DEADLINE: Italy’s entertainment sector was hard hit by the pandemic. What’s the status of its recovery, in your mind?

D’ANDREA: This has been the strongest summer box office ever for us in Italy. Barbenheimer has been big here. Italy accounted for Oppenheimer’s second best opening in Europe [the film made $19M in only two weekends after being released in late August]. But despite the great summer, year to date we are 20 percent down on 2019.

OCCHIPINTI: The sector that still needs to see a lot of recovery is arthouse and the more mature audiences. That’s our next goal as Lucky Red and as a market. There were institutional campaigns by the government and associations to promote the summer and the results were fantastic. Now we need to go after that older audience. In terms of showing arthouse and independent films, Italy isn’t France, but we’re also not the UK. We’re somewhere in the middle, but more towards France.

DEADLINE: But you are picking up fewer Italian movies?

OCCHIPINTI: Yes. We’re doing some first-timers. We still look for new talent and the future directors but yes, it’s more difficult to have good box office, and to finance our comedies, for instance. The previous landscape of big broad comedies in Italy has very much changed.

D’ANDREA: What you have seen in the last year, for example, is films like Strangeness with Toni Servillo, and Last Night Of Love with Pierfrancesco Favino did pretty well. What we are seeing is a change in production and in the taste of the audiences. They want unusual movies, high-concept movies. They want something different. This is the challenge for the industry in terms of production. I think the Venice lineup for Italian movies is fairly different movies from in the past.

DEADLINE: Italy’s production scene feels pretty vibrant, from The White Lotus filming in the country to Roland Emmerich’s big budget TV series Those About To Die and the streamers growing their footprints….

MASSENZI: Yes. There are plenty of talented people here, which helps. Inflation is an issue. But crew, infrastructure, the natural landscape, the tax credit, are all attractive.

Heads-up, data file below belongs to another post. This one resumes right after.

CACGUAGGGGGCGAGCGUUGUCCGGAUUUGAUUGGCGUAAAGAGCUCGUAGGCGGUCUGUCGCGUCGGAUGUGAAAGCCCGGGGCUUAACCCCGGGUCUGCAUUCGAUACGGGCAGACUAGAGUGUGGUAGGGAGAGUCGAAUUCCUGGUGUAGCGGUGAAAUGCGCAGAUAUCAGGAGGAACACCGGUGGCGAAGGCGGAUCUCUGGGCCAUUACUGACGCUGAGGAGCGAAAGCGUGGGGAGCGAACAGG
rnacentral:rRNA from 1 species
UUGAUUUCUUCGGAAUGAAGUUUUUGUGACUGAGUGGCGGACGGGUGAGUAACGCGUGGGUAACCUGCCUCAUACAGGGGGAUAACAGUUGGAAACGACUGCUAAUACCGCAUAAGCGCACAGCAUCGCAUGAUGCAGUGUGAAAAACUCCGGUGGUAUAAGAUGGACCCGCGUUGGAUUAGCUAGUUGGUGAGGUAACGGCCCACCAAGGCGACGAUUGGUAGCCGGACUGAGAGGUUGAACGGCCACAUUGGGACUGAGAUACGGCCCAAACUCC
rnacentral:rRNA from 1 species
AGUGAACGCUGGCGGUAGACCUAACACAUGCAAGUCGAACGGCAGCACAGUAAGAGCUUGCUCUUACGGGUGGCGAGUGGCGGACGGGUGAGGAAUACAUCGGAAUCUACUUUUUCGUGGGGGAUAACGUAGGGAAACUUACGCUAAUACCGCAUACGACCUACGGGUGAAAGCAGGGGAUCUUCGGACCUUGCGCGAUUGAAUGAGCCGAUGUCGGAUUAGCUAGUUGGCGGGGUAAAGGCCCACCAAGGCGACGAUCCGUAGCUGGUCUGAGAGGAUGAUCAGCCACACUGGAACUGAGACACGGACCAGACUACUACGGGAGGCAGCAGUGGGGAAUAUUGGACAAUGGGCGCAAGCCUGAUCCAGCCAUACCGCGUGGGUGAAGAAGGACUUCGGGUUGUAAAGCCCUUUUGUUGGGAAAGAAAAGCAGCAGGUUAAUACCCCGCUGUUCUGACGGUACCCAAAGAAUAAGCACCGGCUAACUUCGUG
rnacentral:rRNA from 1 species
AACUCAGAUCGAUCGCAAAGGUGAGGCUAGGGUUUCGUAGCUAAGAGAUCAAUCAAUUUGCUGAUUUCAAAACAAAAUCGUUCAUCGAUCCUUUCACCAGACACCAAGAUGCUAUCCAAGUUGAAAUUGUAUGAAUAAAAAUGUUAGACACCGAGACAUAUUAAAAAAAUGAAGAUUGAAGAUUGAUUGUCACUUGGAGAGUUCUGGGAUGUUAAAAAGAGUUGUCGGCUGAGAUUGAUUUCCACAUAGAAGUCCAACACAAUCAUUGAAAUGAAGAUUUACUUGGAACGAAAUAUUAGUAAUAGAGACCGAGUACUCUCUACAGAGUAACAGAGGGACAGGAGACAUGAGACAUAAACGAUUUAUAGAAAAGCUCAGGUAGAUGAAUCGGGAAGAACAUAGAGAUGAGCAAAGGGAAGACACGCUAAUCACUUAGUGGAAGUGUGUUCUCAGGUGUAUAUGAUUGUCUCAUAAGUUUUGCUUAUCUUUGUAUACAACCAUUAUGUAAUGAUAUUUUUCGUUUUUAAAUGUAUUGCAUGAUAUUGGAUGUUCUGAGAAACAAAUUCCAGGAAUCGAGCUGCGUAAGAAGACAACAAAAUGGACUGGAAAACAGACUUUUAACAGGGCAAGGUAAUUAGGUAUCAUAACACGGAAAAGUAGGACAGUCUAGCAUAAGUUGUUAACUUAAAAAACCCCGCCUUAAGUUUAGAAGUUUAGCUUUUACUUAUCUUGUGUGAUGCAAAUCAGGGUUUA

DEADLINE: Are you much impacted by the Hollywood strikes?

OCCHIPINTI: So far, not much, but obviously if it’s going to last a long time it can have a really big impact on releases, scheduling, and the lack of product.

DEADLINE: Is Den Of Thieves 2: Pantera delayed by the strike?

MASSENZI: Not that we’re aware of. They finished filming before the strikes began. It was always a 2024 release date. The major impact will be on U.S. schedules. The impact on our side of things will be felt a bit further down the line.

DEADLINE: What are your expectations for AFM?

MASSENZI: Everyone pre-buying movies will ask the same question: when is the movie going to be delivered? There will be a backlog of movies that haven’t gone into production yet. So far, on titles we have acquired we don’t have this problem.

OCCHIPINTI: We may encounter that problem on Greenland 2, which is the only bigger movie that hasn’t been shot that we have in the pipeline. That one is in a holding pattern. The initial plan was to shoot this year.

But as we noted earlier, we’re in a good position because we have a number of different strings to our bow. We operate in different sectors. We are also the majority shareholder in Circuito Cinema, which is a chain of Italian art-house cinemas. We just made a deal for a new theater in Bologna, actually.

We program more than 120 screens in Italy, so it’s big. We own some theaters in Rome and run cinemas in Rome and Florence. We have partners in Bologna, Naples, and Turin, and we program across the rest of Italy. We own seven cinemas ourselves: four in Rome, two in Florence, and now one in Bologna where we are also in partnership on three others.

This interview was edited for length and clarity.

Must Read Stories

Italy’s Lucky Red On New Woody Allen & Luc Besson Pics, Netflix Collab & More

Surprise Guest At ‘Boy And The Heron’; Opening-Night Reviews; Photo Gallery

Francois-Henri Pinault Artémis Buys TPG’s Majority Stake; Bryan Lourd To Be CEO

Sentenced To Decades In Prison; Leah Remini Rips Scientology

Read More About:

Source: Read Full Article